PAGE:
A self-made millionaire who studied 1,200 wealthy people pinpointed the way their relationship with money differs from everyone else's


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Rich people see money as their friend.

After studying more than 1,000 of the world's wealthiest people, self-made millionaire and author Steve Siebold noticed something about their relationship with money: They see money as their friend, while the average person sees it as their enemy.


"Most people have a dysfunctional, adversarial relationship with money," he writes. "After all, we are taught that money is scarce - hard to earn and harder to keep. If you want to start attracting money, stop seeing it as your enemy and think of it as one of your greatest allies."

Mastering your money and attracting wealth hinges more on mindset than anything else.

It's a concept that Napoleon Hill preached in his 1937 bestseller "Think and Grow Rich," the culmination of his research on 500 self-made millionaires, and one that has just as much relevance today.

One way to start acquiring wealth is to start thinking about money differently.


"It's a friend that has the power to end sleepless nights of worry and physical pain, and can even save your life," Siebold writes. "The rich see money as a special friend that can help them in ways no other friend can, and these positive feelings lead them to build a stronger relationship every day."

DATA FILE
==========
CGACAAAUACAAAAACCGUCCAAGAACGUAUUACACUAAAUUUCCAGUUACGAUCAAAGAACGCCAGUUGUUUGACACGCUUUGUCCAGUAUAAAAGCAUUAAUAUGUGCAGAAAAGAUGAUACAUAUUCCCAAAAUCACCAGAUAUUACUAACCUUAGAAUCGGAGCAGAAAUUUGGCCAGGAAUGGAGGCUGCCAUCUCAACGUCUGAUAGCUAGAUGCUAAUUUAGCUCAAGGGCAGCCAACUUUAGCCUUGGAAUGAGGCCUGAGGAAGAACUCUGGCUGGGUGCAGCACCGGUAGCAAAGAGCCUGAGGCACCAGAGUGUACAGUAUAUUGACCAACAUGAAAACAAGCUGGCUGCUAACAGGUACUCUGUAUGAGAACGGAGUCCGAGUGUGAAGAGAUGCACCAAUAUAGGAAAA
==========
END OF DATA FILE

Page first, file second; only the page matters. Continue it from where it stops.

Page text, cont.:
Seeing money as a friend allows them to find peace of mind in wealth, while the average person lets money stress them out.

The reason wealthy people earn more wealth is because they're not afraid to admit that money can solve most problems, Siebold says: "[The middle class] sees money as a never-ending necessary evil that must be endured as part of life. The world class sees money as the great liberator, and with enough of it, they are able to purchase financial peace of mind."

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